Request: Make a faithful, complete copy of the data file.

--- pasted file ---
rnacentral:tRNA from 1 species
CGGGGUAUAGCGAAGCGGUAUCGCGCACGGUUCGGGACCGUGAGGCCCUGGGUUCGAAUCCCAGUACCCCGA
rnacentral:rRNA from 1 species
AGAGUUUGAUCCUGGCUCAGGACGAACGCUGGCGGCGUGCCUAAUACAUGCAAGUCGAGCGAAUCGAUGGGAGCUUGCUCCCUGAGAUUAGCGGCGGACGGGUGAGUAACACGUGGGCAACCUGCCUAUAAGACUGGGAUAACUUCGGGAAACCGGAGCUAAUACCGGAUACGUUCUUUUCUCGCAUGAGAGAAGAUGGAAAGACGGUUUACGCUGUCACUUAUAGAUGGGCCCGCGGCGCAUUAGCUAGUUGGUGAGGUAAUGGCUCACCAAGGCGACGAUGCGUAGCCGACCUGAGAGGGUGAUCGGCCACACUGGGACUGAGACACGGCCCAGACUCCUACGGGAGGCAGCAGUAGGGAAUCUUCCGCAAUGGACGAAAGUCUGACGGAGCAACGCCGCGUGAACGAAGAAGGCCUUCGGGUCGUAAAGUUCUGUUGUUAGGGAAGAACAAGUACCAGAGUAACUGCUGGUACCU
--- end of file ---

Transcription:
rnacentral:tRNA from 1 species
CGGGGUAUAGCGAAGCGGUAUCGCGCACGGUUCGGGACCGUGAGGCCCUGGGUUCGAAUCCCAGUACCCCGA
rnacentral:rRNA from 1 species
AGAGUUUGAUCCUGGCUCAGGACGAACGCUGGCGGCGUGCCUAAUACAUGCAAGUCGAGCGAAUCGAUGGGAGCUUGCUCCCUGAGAUUAGCGGCGGACGGGUGAGUAACACGUGGGCAACCUGCCUAUAAGACUGGGAUAACUUCGGGAAACCGGAGCUAAUACCGGAUACGUUCUUUUCUCGCAUGAGAGAAGAUGGAAAGACGGUUUACGCUGUCACUUAUAGAUGGGCCCGCGGCGCAUUAGCUAGUUGGUGAGGUAAUGGCUCACCAAGGCGACGAUGCGUAGCCGACCUGAGAGGGUGAUCGGCCACACUGGGACUGAGACACGGCCCAGACUCCUACGGGAGGCAGCAGUAGGGAAUCUUCCGCAAUGGACGAAAGUCUGACGGAGCAACGCCGCGUGAACGAAGAAGGCCUUCGGGUCGUAAAGUUCUGUUGUUAGGGAAGAACAAGUACCAGAGUAACUGCUGGUACCU